An international research team, led by Germany's Kiel University (CAU) and including scientists from the University of Southern Denmark, Technische Universität Dresden, University of Trento, Sixonia Tech and Queen Mary University of London, has used aero-graphene to develop a new method for the generation of controllable electrical explosions. "Aerographene" consists of a finely-structured tubular network based on graphene with numerous cavities. This makes it extremely stable, conductive and almost as lightweight as air.

The research team has now taken a major step toward practical applications. They have succeeded in repeatedly heating and cooling aerographene and the air contained inside it to very high temperatures in an extremely short period of time. This enables extremely powerful pumps, compressed air applications or sterilizing air filters in miniature.

"When we first introduced these materials, they were the lightest class of materials in the world to date, with a density of just 0.2 milligrams per cubic centimeter. Because that's practically air, we called them 'aeromaterials'", said Rainer Adelung, professor for Functional Nanomaterials at Kiel University that developed the materials, which were first presented in 2012, together with colleagues from Hamburg University of Technology.

This new study provides insights into how aeromaterials could get from basic research to application. The material scientists from Kiel, together with their colleagues, discovered further properties that enable innovations in pneumatics, robotics or air filter technology.

"In our experiments, we have found that aeromaterials made from graphene and other conductive nanomaterials, can be electrically heated extremely quickly with up to several hundred degrees per millisecond due to their low density," explains Dr. Fabian Schütt from CAU, who led and conducted the experiments together with Dr. Florian Rasch. To do so, the materials scientists used the "aerographene", which consists of just a few layers of carbon atoms and 99.9% air. When heated, this air contained inside the material is also heated extremely quickly and expands. In the case of very rapid heating, there is an expansion in volume and one speaks of an "explosion." "This means we are now able to use aerographene to start small controllable and repeatable explosions that do not require a chemical reaction," says Schütt, summarizing their findings.

That's because almost as quickly as it heats up, aerographene cools down again as soon as the power supply is switched off. "It can hardly store any heat due to its extremely low heat capacity. Via its network structure it releases it very quickly back into the containing air," Schütt continues. The rapid heating and cooling of the material enables the researchers to start several explosions per second, one after the other. "This gives us extremely powerful compressed air at the push of a button, without the compressors and gas supplies that are otherwise required," Adelung explains.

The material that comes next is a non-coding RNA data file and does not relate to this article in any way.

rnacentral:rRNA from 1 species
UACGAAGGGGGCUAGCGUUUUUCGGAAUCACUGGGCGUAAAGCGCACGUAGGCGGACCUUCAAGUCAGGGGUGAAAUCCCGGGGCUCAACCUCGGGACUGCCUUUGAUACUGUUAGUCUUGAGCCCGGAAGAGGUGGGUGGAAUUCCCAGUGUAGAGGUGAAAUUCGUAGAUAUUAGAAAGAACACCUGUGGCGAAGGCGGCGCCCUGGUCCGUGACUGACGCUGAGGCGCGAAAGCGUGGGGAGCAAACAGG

The scientists use this effect to develop new pumps that can be specifically adjusted as well as high-performance actuators in miniature format. "If you place the aeromaterial in a pressure cylinder and heat it with electricity, the generated air blast can be used to move objects up and down in a targeted manner and several times per second," explains Rasch, who recently completed his doctoral thesis on this subject. In their experiments, the two first authors, Schütt and Rasch, were able to show that even a small amount of aerographene objects that are many times heavier can be moved. For example, 10 milligrams of aerographene were enough to lift a two-kilogram weight in just a few milliseconds. So the actuators developed with aerographene have high power densities while maintaining large volume changes.

"In contrast to chemical reactions, these small electrical explosions can be controlled very specifically and also are very clean. By changing the duration and strength of the current supply we can precisely control the frequency and strength of the air blasts," says Rasch. Thanks to the extreme conductivity of aeromaterials, they need only a small amount of electricity for this. In the experiments carried out in Kiel, the material has withstood 100,000 cycles so far, and a patent has already been filed.

As one example for potential applications, Adelung's research group is currently developing new air filter materials and systems based on aerographene in cooperation with the German aviation supplier Lufthansa Technik and funded by the Graphene Flagship. "Air currents can be guided very well through the open network structure of the material and can be heated strongly for a short time. In this way, bacteria and viruses, for example, can be filtered out of the air and killed," Adelung said. "This could allow these filter systems to function self-cleaning and work without expensive maintenance in the future."

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